of your page CAN help improve your rankings. For example,
let's say your keyword was "Star Wars collectibles" and it
appeared in the body text that is visible to the user. If
the keyword were also included in your meta keyword tag, then
that would reinforce to the search engine that "Star Wars
collectibles" was an important theme on this page. Although
no extra relevancy boost is given for including the keyword
solely in the meta tag, some engines may look to the meta
tag as a way to reinforce their belief that a page is relevant
if all the other more important factors "check out" too.
In any case, including the tags are unlikely to hurt your rankings
if you follow a few simple rules. Be careful not to repeat
the same keyword more than two or three times in the tag.
Never repeat the same word twice in a row or you may trigger
a search engine's "spam filter." Lastly, never include keywords
that do not apply to the content of that page.
Can I get into legal trouble by including trademarks
or company names in my meta tags?
There have been a number of lawsuits where companies have sued
and won after someone used their trademark or company name
inappropriately in their meta tags. In fact, we nearly had
to take competitors to court a couple years ago for blatantly
using our better-known WebPosition brand name as a means to
drive more traffic to their own site. It wasn't until we
were on the verge of filing suit that they conceded.
Basically, there are laws regarding "fair use" of trademarks.
If you are including competitor's brand names for the purpose
of bringing in more traffic to your own site, then you're
asking for trouble. However, if you are doing a "fair use"
comparison between your product and a competitor's in the
body text of your page, then your legal liability may not
be so clear-cut. For a detailed listing of legal cases regarding
trademarks and meta tags, see:
In general, your odds of getting into legal trouble go up much
faster if you mention a trademarked name in an invisible area
of your page like a meta tag. It's difficult to prove that
inclusion of the keyword in the meta tag area was for any
other purpose than to profit from another's brand name (i.e.,
to gain Web site traffic).
What about Dublin Core and other meta tags?
Most other meta tags you'll run across are ignored by the major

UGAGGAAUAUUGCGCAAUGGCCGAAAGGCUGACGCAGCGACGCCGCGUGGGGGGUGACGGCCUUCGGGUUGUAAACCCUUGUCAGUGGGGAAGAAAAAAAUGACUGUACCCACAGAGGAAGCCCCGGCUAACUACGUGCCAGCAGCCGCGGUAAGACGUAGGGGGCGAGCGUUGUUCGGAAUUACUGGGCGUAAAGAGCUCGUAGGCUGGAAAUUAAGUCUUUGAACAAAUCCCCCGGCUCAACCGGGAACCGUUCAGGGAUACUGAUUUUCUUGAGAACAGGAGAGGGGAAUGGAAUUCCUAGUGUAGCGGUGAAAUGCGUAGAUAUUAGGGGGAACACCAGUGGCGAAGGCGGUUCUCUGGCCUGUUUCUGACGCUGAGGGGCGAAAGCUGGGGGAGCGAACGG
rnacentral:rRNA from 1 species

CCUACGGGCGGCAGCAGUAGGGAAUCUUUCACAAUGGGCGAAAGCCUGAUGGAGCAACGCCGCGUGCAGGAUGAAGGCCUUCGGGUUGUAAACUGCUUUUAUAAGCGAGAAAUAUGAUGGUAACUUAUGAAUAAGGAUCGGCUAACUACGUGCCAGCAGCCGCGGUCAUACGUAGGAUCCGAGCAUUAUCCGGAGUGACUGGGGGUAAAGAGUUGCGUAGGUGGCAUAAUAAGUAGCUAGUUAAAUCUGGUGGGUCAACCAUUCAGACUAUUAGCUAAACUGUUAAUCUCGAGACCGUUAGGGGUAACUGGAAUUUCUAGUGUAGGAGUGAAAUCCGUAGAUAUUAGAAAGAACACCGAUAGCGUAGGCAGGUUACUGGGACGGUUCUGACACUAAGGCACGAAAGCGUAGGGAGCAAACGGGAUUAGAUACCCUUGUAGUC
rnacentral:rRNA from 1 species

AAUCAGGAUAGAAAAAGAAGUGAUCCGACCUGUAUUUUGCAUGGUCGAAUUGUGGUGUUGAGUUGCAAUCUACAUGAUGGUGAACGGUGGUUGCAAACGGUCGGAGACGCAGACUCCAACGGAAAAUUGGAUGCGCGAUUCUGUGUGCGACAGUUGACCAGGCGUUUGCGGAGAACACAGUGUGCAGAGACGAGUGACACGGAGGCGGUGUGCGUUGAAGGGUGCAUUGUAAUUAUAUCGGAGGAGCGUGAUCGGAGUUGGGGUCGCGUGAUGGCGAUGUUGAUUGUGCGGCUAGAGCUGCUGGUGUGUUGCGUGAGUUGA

search engines, including the "Dublin Core" set of tags.
(If you're among the majority who has never heard of the Dublin
Core specification, don't worry about it). The general rule
is that if you see some unusual meta tag on somebody's page
that you've never seen before, you can almost bet that it's
unlikely to be anything that a major search engine will index
or care about.
There are a few meta tag commands that can be useful for other
things besides improving your rankings, but I'll save those
for another discussion.
Should I separate words and phrases in my
keyword meta tag by commas?
There's a continuing debate about whether to separate each
keyword in the meta keyword tag by a comma, or to group related
words (i.e., phrases) by commas, or to list all the words
in one long string separating each word only by a spaces.
Which method is better? The most common method is separating
each word or phrase by a comma. However, many experts contend
that the search engines ignore the commas. So by eliminating
them, you can include more words in the tag. Frankly, it
won't likely affect your rankings either way. Use whichever
method you're comfortable with since there are more important
things to worry about.
Meta Tag Resources:
The above article, or portions of it, have been reprinted
with permission from the MarketPosition Newsletter and FirstPlace
Software, Inc. and is copyright 1997-2001. FirstPlace produces
WebPosition Gold, the award-winning software product to increase
traffic to your Web site by tracking and improving your search
engine rankings. You may download a FREE trial copy of WebPosition
Gold from http://www.webposition.com